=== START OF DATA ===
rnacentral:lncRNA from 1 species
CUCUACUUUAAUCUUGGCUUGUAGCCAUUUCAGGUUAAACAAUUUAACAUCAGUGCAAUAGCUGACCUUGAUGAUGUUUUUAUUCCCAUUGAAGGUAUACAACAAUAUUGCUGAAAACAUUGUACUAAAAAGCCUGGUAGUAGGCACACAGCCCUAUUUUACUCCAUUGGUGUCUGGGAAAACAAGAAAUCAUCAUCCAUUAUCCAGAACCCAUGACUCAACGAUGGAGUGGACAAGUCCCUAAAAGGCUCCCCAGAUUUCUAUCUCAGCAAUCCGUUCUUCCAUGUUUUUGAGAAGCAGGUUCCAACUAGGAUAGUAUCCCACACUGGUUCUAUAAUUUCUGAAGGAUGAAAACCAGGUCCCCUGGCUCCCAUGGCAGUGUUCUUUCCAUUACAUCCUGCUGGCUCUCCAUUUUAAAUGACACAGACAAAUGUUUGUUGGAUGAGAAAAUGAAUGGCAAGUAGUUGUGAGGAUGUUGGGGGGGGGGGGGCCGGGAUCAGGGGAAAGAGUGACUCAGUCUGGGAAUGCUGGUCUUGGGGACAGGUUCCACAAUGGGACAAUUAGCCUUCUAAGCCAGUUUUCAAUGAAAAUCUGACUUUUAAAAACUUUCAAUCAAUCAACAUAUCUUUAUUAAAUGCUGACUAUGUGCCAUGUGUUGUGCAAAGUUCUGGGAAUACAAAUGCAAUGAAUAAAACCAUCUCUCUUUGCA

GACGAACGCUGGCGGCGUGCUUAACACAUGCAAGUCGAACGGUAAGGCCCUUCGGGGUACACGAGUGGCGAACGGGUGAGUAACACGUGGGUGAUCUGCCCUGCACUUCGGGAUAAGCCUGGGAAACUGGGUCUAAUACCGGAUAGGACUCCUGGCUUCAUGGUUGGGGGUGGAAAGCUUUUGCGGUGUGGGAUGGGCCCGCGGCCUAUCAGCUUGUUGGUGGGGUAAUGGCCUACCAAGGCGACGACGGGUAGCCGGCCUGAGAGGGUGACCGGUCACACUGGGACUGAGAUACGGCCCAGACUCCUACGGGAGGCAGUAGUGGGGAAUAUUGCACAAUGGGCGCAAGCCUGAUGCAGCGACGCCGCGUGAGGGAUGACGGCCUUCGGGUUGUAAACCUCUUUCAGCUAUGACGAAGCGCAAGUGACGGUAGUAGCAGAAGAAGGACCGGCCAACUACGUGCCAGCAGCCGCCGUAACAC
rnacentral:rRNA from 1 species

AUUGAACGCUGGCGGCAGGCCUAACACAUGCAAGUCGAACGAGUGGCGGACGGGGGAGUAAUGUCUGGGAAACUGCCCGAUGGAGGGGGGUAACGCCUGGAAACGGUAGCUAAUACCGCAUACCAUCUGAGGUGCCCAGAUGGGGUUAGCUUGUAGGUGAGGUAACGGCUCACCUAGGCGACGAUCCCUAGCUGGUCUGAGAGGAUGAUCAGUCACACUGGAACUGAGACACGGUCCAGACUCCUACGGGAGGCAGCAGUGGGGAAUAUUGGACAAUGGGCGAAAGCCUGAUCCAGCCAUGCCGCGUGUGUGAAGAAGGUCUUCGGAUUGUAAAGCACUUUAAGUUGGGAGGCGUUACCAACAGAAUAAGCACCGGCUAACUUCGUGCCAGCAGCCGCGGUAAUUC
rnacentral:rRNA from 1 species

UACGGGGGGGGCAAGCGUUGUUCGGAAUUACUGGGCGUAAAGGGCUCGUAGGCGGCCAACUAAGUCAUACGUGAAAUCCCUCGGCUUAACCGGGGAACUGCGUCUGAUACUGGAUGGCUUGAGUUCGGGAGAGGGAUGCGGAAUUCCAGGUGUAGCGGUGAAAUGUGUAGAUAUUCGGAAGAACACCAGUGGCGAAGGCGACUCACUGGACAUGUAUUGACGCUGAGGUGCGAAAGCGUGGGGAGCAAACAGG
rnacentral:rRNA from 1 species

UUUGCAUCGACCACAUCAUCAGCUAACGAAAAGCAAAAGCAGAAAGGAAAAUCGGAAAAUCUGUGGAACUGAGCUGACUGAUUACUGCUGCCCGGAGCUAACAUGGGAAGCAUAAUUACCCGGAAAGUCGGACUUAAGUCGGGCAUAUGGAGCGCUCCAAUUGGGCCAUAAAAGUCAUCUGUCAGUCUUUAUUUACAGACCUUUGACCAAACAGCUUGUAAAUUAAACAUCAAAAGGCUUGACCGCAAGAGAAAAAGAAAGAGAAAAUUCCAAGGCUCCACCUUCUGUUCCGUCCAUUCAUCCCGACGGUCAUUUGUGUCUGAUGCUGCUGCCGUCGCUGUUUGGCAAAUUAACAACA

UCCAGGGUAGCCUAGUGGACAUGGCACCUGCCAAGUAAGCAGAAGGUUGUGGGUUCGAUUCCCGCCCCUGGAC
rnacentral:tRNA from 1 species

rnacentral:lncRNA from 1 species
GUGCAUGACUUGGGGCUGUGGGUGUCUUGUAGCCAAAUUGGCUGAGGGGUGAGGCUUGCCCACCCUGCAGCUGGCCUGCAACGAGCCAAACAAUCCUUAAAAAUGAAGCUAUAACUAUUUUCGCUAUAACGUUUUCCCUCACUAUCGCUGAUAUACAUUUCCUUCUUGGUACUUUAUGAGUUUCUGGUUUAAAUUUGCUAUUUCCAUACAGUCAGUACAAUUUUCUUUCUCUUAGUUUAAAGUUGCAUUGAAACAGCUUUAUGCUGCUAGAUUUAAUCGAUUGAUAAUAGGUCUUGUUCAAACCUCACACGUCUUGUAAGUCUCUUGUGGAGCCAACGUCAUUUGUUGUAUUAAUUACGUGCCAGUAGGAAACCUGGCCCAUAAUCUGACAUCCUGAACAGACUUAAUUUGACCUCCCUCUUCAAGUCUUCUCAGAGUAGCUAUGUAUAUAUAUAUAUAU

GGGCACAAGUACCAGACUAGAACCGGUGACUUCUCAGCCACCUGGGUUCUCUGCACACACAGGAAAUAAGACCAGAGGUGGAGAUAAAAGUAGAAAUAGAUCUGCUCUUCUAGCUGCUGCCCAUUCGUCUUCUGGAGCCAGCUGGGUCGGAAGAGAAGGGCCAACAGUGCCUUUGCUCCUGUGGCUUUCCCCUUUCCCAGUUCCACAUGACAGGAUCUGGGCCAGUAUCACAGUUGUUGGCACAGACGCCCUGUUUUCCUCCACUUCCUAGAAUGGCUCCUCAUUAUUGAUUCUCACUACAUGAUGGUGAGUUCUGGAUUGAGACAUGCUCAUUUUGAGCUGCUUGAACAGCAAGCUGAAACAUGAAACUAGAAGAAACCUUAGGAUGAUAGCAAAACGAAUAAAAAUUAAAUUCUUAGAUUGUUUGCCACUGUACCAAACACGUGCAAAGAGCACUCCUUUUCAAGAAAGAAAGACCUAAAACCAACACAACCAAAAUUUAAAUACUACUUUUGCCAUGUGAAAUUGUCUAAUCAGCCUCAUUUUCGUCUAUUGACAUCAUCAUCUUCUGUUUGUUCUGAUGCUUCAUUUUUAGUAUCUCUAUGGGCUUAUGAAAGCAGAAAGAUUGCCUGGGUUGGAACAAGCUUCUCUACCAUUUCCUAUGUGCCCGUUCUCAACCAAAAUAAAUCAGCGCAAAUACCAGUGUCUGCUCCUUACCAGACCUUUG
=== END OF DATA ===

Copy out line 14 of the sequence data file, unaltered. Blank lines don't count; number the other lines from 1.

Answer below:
GGGCACAAGUACCAGACUAGAACCGGUGACUUCUCAGCCACCUGGGUUCUCUGCACACACAGGAAAUAAGACCAGAGGUGGAGAUAAAAGUAGAAAUAGAUCUGCUCUUCUAGCUGCUGCCCAUUCGUCUUCUGGAGCCAGCUGGGUCGGAAGAGAAGGGCCAACAGUGCCUUUGCUCCUGUGGCUUUCCCCUUUCCCAGUUCCACAUGACAGGAUCUGGGCCAGUAUCACAGUUGUUGGCACAGACGCCCUGUUUUCCUCCACUUCCUAGAAUGGCUCCUCAUUAUUGAUUCUCACUACAUGAUGGUGAGUUCUGGAUUGAGACAUGCUCAUUUUGAGCUGCUUGAACAGCAAGCUGAAACAUGAAACUAGAAGAAACCUUAGGAUGAUAGCAAAACGAAUAAAAAUUAAAUUCUUAGAUUGUUUGCCACUGUACCAAACACGUGCAAAGAGCACUCCUUUUCAAGAAAGAAAGACCUAAAACCAACACAACCAAAAUUUAAAUACUACUUUUGCCAUGUGAAAUUGUCUAAUCAGCCUCAUUUUCGUCUAUUGACAUCAUCAUCUUCUGUUUGUUCUGAUGCUUCAUUUUUAGUAUCUCUAUGGGCUUAUGAAAGCAGAAAGAUUGCCUGGGUUGGAACAAGCUUCUCUACCAUUUCCUAUGUGCCCGUUCUCAACCAAAAUAAAUCAGCGCAAAUACCAGUGUCUGCUCCUUACCAGACCUUUG